• 26 April 2010
  • Posted By Jamal Abdi
  • Congress, Sanctions, Uncategorized, US-Iran War

Laying the Groundwork for an Iran war

On Friday, the Christian Scientist Monitor published what may be the first mainstream editorial linking the push for “crippling sanctions” against Iran as laying the groundwork for war with Iran.

From “Sanctions on Iran’s gasoline imports? That’s war talk.”:

In this post-9/11 age, the idea of preemptive war against a terrorist-prone country supposedly went out of favor after the 2003 US invasion of Iraq.

Yet Congress is now pushing President Obama toward steps that could easily be interpreted as an act of war against Iran over its nuclear ambitions.

The House and Senate are moving quickly on a bill to force US sanctions on the sale of gasoline to the Islamic Republic of Iran. In theory, the measure would only punish US and foreign companies that export refined oil products to Iran which, despite being a major exporter of petroleum, lacks sufficient oil refineries.

But there’s a big problem: The only way to really enforce such a crippling sanction against the Iranian economy would be through an American-led naval blockade which, by international law, is an act of war.

Meanwhile, the Zionist Organization of America(ZOA) issued a press release this past Friday announcing that, having spent several years lobbying for gasoline sanctions as “the first step”, now that those sanctions are moving forward, they are beginning to lobby Congress on the next step: war.

“Hundreds Of ZOA Activists On Capitol Hill Saying: Crippling Sanctions On Iran & Stop Pressuring Israel”:

Hundreds of Zionist Organization of America (ZOA) activists from 19 states, including dozens of students, took part in ZOA’s annual activist Mission to Washington, D.C., on April 21 to urge Members of Congress to support  legislation for immediately imposing new, robust sanctions upon Iran and enforcing the Iran Sanctions Act of 1996 as the first step to prevent it from developing nuclear weapons. Mission activists urged the necessity of military action should peaceful, diplomatic measures fail to stop Iran’s drive to obtain a nuclear weapons capability…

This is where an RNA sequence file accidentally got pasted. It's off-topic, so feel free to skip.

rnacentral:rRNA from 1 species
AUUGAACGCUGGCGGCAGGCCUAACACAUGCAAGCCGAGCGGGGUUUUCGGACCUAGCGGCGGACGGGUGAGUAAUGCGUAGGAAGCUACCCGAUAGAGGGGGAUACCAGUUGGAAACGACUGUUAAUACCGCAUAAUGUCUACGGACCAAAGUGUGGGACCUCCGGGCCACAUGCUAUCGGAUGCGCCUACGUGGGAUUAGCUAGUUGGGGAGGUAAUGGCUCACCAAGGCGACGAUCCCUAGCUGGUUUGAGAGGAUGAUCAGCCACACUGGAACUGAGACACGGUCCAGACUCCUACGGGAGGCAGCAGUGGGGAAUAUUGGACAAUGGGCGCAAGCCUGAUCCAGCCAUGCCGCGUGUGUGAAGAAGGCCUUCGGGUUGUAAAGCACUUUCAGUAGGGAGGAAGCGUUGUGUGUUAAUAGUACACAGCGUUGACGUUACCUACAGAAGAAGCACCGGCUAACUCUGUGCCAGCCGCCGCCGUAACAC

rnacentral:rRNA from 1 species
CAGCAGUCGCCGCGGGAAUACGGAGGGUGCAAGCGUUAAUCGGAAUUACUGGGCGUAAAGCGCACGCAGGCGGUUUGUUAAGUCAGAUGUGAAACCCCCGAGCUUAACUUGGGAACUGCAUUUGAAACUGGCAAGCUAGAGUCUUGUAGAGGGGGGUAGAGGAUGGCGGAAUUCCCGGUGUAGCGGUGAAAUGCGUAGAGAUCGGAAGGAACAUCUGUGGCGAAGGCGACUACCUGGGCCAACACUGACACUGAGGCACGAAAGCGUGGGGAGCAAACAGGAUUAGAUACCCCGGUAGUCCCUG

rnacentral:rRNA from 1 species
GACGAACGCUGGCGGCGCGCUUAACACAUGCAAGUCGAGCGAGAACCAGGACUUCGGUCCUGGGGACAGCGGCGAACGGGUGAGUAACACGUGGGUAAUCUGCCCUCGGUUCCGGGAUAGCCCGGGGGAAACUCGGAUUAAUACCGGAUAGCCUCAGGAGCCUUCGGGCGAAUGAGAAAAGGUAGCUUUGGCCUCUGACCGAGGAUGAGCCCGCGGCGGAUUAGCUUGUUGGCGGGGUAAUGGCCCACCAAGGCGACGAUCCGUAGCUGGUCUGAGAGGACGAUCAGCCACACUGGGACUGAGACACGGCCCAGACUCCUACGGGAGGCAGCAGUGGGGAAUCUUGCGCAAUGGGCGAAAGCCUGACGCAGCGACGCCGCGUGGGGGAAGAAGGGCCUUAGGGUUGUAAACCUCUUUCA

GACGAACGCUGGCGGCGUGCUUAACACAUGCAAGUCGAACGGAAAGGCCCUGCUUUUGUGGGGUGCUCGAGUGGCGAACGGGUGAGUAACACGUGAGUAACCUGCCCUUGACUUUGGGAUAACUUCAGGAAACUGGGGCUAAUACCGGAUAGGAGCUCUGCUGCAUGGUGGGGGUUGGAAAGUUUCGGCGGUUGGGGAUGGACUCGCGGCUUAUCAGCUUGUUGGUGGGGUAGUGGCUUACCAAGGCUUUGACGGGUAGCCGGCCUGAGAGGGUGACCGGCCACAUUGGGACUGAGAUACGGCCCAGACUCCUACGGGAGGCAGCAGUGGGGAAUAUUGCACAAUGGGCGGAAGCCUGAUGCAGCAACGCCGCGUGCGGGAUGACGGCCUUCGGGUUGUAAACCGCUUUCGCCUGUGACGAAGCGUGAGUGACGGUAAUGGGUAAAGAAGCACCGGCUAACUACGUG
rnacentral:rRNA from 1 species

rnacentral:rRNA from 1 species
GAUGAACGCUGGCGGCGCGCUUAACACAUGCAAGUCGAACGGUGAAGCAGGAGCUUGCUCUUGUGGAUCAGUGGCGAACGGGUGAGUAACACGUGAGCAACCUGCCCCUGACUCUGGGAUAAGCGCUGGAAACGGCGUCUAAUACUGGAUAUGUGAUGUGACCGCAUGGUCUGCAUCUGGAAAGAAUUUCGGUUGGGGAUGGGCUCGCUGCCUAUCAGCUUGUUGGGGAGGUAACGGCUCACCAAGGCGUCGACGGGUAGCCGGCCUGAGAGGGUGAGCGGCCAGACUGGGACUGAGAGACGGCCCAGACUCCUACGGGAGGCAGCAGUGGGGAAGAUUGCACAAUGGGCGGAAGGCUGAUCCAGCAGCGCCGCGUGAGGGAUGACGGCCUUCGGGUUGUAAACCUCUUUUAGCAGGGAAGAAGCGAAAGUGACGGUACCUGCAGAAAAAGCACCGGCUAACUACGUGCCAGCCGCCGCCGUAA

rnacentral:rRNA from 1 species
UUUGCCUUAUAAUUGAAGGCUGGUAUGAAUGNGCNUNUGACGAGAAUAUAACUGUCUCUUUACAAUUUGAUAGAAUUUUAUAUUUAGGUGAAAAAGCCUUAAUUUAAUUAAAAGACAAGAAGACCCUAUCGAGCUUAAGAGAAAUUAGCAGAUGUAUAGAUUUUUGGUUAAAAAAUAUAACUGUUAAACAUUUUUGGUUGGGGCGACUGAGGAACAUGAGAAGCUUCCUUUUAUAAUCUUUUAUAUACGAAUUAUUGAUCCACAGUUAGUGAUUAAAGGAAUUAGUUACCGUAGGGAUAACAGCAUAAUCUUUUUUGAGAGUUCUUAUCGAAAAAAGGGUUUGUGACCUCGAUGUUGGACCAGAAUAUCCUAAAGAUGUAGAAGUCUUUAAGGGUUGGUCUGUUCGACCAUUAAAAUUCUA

That hawkish organizations support possible war with Iran is not news.  But the fact that organizations are openly lobbying Congress on this point means a new but all too  familiar threshold is now being crossed.

Posted By Jamal Abdi

    5 Responses to “Laying the Groundwork for an Iran war”

  1. Pirouz says:

    Good post, Jamal.

    Hard to figure there’s an ethnically organized political group in America that so brazenly advocates a war of aggression, but here you have these Zionists doing exactly that. They’re really quite open about their goals of colonialism, war and foreign interest taking precedence over that of the host country. But then, they represent the overt, grass roots element of the the subtler, far more powerful influences of the Israel lobby and mainstream media.

    I think this powerful effort is looking for a war anywhere inside three years. That’s why it is so important not to become an indirect contributor, by participating in any kind of activity that can be utilized in demonizing the Islamic Republic of Iran. By not doing so, Jamal, we’re trying to avert a potential human catastrophe on the order of which Iraq experienced in the previous decade- a truly horrifying thought.

  2. Dr. Doom says:

    It’s tragic that NIAC’s moderators would post such hateful garbage.

  3. Iranian-American says:

    Dr. Doom,

    Are your comments in regard to this article? This particular article is clearly not “hateful”. One would have to have a very bizarre imagination to think otherwise.

  4. Hasan says:

    War with Iran is justified. The regime is holding its citizens hostage and committing acts of aggression against other countries.

    The fact that Hizbollah, Islamic Jihad, and Hammas receive direct support from the mullahs is not even once mentioned in this article.

    The only way to rid middle-east of such hatred is cutting off the source, the Iranian regime.

    I heard this directly from His Majesty Reza Shah. “If all the houses in the neighborhood are being set on fire, don’t just put out the fire, look for the arsonist”. Well, Iran is the arsonist here.

    We have to overcome our love of the country in order to save it. Our desire for a peaceful end to this regime has not been fruitful for over 3 decades. How many more innocent people need to be killed by the regime for us to consider the longer term consequence of a peaceful solution to the Iranian problem?

    Let the ZOA help us get closer to ending this once and for all.

  5. Iranian-American says:

    The comments on this post illustrate the idiocy of the extremists on both sides. One side defends Iran’s corrupt and violent government despite overwhelming proof they are oppressing the Iranian people, and the other advocates all out war on the Iranian people. I always found it interesting how extremists are able to see the absurdity of the opposite extreme and yet are completely oblivious to the absurdity of their own beliefs.